Starfish Therapies

April 17, 2017

Hand and Foot Play

Hand and foot play is an important part of a child’s development.  So is bringing the feet to their mouth (unfortunately I didn’t get a good picture of that!).  So what are some of the reasons it is so important?

  1. Hamstring stretches – They just spent 9 months cramped up in the ‘fetal’ position. This means their knees were flexed and in close to the body. By reaching for their feet they are beginning to perform hamstring stretches that will help to lengthen the muscle.
  2. Core strength – By lifting their feet up and reaching with their hands, they are working their abdominal muscles which will help to develop their core strength. You try lifting both your feet up and reaching with your hands. Its not easy work on those abs!
  3. Midline – You can see in the pictures that they can bring their hands and/or feet to midline which helps to increase their awareness of where midline is.
  4. Body awareness – Hand and foot play allows your baby to explore their body and the various parts of their body. They begin to realize that their feet are attached to them and that their hands and feet can work together.
  5. Exploration – Once they are participating in hand and foot play, you will probably see them putting their feet in their mouth. This is how babies explore. They put everything in their mouth, including their own toes!
  6. Movement – As you can also see in the photos lots of movement is happening. He isn’t just lying flat on his back holding his feet. He is rocking back and forth, dropping one foot, picking it back up again, etc. This helps to create building blocks for movement and cause and effect. If they end up on their side, what do they have to do next?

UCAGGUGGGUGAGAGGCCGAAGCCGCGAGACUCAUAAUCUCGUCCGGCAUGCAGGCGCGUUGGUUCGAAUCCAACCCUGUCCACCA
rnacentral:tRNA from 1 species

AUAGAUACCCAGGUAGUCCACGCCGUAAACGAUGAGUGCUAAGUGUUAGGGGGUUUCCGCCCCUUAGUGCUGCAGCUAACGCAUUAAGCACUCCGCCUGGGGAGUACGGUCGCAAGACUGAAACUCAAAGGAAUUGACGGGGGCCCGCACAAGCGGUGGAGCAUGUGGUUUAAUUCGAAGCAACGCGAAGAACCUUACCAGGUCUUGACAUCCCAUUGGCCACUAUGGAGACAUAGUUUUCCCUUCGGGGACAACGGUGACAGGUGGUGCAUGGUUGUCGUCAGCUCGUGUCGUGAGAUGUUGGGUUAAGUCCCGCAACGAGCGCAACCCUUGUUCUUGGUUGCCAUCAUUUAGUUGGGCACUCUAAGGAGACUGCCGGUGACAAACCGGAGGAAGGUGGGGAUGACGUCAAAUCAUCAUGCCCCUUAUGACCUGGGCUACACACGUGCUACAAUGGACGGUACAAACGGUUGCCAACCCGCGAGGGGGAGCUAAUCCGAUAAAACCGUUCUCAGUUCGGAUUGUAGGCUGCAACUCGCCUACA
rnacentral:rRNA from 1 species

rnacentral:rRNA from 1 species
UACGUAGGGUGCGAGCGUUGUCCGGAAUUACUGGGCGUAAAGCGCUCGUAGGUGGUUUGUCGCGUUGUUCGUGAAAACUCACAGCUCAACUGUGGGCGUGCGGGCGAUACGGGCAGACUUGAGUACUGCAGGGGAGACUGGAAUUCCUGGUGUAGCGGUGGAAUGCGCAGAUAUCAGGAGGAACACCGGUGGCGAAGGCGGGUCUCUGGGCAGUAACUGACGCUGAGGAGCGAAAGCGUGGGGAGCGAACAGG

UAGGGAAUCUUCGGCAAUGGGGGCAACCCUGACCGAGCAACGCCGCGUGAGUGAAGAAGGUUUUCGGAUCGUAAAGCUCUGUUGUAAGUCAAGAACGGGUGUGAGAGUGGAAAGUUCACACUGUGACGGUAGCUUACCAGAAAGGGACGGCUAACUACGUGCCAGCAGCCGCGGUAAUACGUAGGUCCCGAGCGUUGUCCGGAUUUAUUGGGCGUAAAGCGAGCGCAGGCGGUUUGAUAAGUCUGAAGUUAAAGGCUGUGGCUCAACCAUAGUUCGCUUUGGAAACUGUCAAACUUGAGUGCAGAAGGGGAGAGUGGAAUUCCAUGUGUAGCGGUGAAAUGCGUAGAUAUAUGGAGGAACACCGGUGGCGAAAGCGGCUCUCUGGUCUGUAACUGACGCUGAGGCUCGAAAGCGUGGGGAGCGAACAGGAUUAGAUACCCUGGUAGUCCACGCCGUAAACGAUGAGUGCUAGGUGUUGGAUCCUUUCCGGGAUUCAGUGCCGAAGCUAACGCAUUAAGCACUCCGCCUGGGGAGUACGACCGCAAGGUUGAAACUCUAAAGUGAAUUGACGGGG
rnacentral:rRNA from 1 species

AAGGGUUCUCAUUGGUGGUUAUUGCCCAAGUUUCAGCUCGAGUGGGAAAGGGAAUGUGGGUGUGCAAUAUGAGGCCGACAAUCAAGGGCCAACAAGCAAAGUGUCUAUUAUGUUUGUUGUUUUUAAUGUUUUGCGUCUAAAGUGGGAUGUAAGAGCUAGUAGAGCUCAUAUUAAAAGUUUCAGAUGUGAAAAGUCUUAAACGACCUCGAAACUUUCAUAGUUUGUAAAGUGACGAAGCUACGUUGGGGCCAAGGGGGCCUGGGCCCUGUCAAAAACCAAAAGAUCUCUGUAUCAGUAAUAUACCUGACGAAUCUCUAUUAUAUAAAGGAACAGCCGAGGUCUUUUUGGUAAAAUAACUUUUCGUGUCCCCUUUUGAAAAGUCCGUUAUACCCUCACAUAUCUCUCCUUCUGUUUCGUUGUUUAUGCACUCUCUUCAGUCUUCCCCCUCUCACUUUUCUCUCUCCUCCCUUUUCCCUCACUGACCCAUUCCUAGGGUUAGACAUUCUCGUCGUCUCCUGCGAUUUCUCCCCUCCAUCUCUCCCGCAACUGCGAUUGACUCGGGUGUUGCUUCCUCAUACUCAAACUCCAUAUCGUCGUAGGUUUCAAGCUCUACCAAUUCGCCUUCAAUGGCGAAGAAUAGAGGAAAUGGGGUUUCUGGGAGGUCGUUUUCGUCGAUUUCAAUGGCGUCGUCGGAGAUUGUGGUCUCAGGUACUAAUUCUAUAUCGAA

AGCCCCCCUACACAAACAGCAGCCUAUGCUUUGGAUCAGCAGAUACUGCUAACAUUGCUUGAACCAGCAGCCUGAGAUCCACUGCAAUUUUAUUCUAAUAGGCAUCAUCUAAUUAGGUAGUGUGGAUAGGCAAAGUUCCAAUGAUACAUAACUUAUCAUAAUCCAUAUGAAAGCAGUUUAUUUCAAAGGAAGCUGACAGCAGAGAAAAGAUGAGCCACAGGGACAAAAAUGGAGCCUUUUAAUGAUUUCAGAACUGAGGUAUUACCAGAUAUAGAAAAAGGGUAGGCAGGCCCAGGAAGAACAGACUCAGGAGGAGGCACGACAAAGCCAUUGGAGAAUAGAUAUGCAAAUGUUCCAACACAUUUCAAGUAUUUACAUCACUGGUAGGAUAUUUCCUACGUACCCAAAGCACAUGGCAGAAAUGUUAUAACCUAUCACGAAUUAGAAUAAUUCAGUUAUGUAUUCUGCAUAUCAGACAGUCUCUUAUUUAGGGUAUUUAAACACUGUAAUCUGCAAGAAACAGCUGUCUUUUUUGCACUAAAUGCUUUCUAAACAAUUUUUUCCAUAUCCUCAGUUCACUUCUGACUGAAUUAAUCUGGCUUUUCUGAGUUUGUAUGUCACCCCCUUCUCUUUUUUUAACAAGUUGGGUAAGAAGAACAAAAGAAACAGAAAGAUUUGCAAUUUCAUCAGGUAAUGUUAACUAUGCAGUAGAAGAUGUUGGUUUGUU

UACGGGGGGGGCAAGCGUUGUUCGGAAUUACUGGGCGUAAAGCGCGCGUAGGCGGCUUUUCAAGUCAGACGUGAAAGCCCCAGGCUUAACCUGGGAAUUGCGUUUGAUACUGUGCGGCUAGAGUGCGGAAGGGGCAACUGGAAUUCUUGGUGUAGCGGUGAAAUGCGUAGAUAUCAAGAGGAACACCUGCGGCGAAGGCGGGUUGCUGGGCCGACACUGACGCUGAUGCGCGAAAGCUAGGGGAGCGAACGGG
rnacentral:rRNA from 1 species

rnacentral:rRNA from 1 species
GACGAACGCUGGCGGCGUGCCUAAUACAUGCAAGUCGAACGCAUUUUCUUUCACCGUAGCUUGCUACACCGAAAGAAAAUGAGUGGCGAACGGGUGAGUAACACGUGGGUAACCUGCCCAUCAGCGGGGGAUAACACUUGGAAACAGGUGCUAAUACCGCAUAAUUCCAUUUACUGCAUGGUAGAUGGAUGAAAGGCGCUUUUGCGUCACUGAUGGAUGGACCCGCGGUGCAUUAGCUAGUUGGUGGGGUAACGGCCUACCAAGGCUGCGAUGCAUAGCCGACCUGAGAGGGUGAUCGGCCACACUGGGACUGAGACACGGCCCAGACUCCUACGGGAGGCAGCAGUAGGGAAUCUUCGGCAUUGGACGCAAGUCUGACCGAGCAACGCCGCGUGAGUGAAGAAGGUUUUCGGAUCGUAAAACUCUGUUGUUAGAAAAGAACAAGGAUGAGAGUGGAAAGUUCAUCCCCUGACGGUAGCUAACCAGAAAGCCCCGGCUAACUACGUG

7. Self-soothing – When they are engaged in play with their feet, or putting their toes in their mouth, they are also able to self-soothe. This can help with sensory regulation.

If your child isn’t doing this, you can help to encourage them.  Gently bring their feet up towards their hands. Maybe help them to put their hands on their feet and try to grasp them. You can make a game out of it by playing peek-a-boo behind their feet so that their feet are in midline when you are ‘hiding’. You could also do ‘This little piggy’ while you have their feet up in the air and count each toe. You can play ‘patty-cake’ while holding their hand and feet together and bringing them to midline for each ‘clap’.

What are other ways you have encouraged hand and foot play?

July 18, 2012

Stacking Cups

Stacking cups can be a great activity for many skills including motivation for gross motor skills!

  • Visual motor skills – you can vary the size of the cups, the color of the cups or even the weight of the cups to provide different input and make it easier or more challenging
  • grading of movements – if the child puts the cup down too hard the whole tower may fall over so they get to practice regulating their force
  • accuracy of movement and body awareness – when reaching to place the cup the child can work on accuracy.  They get immediate feedback if they aren’t accurate because they can knock the whole tower down or the single cup they are placing could fall off!  In addition, if they walk right into the tower they will receive immediate feedback as well.
  • squatting – you can have the cups on the floor so the child has to squat down to pick up the next one and then stand to place it on the tower.

Once the tower is built you can practice rolling balls, throwing balls, riding on a scooter to crash into the tower and then start all over again!

Crashing can be used as an activity to increase arousal or to work on self regulation.
What other ideas do you have?

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